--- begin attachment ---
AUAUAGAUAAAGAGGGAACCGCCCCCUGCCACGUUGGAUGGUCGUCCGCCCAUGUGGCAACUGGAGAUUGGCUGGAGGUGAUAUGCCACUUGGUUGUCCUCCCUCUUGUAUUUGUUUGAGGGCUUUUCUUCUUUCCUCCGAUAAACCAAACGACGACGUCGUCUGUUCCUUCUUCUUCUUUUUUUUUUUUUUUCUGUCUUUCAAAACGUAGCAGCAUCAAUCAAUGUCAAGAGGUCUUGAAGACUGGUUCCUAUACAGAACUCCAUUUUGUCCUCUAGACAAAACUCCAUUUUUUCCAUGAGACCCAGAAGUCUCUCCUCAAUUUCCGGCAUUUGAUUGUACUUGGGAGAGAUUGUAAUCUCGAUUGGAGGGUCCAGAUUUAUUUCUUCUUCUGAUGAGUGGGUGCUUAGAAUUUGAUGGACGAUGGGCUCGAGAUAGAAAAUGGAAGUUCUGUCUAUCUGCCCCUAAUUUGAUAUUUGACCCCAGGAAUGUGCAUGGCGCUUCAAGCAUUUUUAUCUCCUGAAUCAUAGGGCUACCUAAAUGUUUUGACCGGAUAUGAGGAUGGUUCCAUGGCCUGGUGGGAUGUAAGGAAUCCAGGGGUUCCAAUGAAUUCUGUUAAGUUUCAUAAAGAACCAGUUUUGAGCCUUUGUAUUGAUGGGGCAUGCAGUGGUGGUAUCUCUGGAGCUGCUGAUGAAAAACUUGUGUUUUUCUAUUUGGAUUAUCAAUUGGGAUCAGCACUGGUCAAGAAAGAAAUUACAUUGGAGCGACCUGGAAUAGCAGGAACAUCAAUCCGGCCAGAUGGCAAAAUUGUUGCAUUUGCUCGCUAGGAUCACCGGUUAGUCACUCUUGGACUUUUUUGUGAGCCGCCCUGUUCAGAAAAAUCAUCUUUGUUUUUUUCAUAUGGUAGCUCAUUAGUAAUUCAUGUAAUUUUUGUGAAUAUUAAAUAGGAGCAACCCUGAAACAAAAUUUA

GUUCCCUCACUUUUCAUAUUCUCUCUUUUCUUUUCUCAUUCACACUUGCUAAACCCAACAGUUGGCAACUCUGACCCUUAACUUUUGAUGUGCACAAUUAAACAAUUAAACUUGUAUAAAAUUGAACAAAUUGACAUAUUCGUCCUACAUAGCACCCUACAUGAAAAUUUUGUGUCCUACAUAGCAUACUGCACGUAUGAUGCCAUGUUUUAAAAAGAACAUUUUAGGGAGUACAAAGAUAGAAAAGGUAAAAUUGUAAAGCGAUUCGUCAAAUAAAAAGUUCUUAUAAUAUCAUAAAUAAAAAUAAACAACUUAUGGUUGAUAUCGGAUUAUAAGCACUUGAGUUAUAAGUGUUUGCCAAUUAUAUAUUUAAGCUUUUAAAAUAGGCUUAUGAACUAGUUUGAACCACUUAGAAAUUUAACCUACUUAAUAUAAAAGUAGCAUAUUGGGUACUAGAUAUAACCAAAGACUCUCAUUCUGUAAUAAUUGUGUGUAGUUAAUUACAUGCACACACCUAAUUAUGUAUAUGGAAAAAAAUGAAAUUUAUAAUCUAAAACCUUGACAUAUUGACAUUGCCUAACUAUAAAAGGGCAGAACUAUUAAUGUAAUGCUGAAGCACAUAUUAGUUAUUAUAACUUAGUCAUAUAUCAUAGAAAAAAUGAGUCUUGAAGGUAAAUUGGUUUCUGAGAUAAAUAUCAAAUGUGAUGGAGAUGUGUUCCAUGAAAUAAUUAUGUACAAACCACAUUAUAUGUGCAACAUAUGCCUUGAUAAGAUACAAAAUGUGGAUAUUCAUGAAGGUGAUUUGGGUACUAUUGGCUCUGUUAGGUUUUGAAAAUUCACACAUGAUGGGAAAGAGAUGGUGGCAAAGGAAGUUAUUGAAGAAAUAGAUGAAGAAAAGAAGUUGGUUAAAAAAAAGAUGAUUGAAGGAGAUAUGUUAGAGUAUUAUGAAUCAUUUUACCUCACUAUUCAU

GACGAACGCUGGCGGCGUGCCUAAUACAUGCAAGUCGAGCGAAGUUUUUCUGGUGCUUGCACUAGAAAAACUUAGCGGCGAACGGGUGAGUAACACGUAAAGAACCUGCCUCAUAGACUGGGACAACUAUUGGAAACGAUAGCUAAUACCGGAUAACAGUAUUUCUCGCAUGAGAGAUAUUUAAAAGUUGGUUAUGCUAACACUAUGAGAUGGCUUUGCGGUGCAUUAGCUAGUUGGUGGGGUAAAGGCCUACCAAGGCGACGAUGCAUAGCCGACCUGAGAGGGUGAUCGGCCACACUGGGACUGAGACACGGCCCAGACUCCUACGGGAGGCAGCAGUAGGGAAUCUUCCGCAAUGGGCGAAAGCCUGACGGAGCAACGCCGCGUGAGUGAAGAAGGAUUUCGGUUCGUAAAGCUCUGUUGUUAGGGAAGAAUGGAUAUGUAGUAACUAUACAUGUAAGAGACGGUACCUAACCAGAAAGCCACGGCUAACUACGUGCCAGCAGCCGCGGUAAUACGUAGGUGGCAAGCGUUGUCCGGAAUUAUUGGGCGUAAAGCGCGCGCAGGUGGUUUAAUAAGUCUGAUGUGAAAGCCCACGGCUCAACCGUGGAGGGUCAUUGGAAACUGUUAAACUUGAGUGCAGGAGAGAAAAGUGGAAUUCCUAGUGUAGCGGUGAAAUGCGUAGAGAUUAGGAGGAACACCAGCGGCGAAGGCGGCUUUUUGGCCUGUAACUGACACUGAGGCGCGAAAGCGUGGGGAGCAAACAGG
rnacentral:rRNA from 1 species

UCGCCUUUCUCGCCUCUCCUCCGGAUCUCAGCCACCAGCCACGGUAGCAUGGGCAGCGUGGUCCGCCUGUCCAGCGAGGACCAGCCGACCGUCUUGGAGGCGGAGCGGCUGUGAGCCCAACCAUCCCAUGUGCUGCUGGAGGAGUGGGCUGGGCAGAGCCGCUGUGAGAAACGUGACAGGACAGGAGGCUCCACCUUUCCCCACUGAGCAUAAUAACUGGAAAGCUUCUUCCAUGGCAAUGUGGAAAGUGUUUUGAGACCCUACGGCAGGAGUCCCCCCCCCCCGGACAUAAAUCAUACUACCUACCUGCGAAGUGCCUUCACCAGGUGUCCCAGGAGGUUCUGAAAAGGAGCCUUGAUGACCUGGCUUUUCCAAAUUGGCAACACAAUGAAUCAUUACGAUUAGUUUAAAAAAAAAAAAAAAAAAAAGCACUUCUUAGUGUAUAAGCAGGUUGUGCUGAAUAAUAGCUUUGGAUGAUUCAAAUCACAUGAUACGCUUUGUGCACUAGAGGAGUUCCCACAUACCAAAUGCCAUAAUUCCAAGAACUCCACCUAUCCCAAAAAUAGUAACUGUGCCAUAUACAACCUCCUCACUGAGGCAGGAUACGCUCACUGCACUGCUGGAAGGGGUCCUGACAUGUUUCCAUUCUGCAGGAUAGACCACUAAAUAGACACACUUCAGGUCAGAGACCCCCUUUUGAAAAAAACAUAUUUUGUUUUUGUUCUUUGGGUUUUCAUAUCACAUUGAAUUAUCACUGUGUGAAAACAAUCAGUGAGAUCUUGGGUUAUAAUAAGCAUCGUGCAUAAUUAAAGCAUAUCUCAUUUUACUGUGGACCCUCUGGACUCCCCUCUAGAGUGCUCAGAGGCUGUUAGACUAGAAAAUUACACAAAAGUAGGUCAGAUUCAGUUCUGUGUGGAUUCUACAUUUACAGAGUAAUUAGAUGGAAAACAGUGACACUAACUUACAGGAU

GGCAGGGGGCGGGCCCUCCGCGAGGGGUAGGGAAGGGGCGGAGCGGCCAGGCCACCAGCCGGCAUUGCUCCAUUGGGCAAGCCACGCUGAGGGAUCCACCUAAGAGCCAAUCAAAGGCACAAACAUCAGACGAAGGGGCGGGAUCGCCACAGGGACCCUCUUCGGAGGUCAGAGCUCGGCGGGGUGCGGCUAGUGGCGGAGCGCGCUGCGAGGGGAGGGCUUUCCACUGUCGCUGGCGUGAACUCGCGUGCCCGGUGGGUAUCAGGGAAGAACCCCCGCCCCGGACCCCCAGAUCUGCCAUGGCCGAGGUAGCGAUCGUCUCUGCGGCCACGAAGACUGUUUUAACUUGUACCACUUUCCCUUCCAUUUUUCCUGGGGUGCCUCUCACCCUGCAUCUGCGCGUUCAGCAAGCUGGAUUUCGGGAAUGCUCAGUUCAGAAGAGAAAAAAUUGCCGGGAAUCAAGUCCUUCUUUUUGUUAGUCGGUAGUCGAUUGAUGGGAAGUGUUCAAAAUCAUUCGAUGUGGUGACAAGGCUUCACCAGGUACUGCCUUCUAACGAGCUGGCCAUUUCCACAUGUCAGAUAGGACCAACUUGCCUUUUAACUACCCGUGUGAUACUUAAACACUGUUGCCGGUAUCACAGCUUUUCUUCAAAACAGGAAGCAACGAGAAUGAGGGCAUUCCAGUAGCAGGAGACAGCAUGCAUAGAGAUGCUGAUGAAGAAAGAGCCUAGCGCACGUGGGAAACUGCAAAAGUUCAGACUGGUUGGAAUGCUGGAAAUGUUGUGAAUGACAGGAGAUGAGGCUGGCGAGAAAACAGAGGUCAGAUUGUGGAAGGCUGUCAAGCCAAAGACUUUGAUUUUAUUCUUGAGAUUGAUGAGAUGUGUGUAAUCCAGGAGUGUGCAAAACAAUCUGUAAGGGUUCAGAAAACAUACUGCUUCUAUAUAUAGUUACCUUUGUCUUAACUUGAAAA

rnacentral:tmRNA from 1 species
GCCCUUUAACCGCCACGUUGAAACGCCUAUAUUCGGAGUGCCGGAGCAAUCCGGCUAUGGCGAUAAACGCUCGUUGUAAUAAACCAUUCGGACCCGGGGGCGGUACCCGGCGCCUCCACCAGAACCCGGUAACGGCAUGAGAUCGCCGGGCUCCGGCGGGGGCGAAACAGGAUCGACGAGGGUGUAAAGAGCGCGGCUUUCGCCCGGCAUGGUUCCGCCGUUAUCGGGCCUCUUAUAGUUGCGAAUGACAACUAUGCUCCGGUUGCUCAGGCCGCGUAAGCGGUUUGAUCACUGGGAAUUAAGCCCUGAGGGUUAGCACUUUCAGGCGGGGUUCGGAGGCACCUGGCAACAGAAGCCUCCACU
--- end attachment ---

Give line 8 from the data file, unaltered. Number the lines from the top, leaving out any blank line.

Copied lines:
GCCCUUUAACCGCCACGUUGAAACGCCUAUAUUCGGAGUGCCGGAGCAAUCCGGCUAUGGCGAUAAACGCUCGUUGUAAUAAACCAUUCGGACCCGGGGGCGGUACCCGGCGCCUCCACCAGAACCCGGUAACGGCAUGAGAUCGCCGGGCUCCGGCGGGGGCGAAACAGGAUCGACGAGGGUGUAAAGAGCGCGGCUUUCGCCCGGCAUGGUUCCGCCGUUAUCGGGCCUCUUAUAGUUGCGAAUGACAACUAUGCUCCGGUUGCUCAGGCCGCGUAAGCGGUUUGAUCACUGGGAAUUAAGCCCUGAGGGUUAGCACUUUCAGGCGGGGUUCGGAGGCACCUGGCAACAGAAGCCUCCACU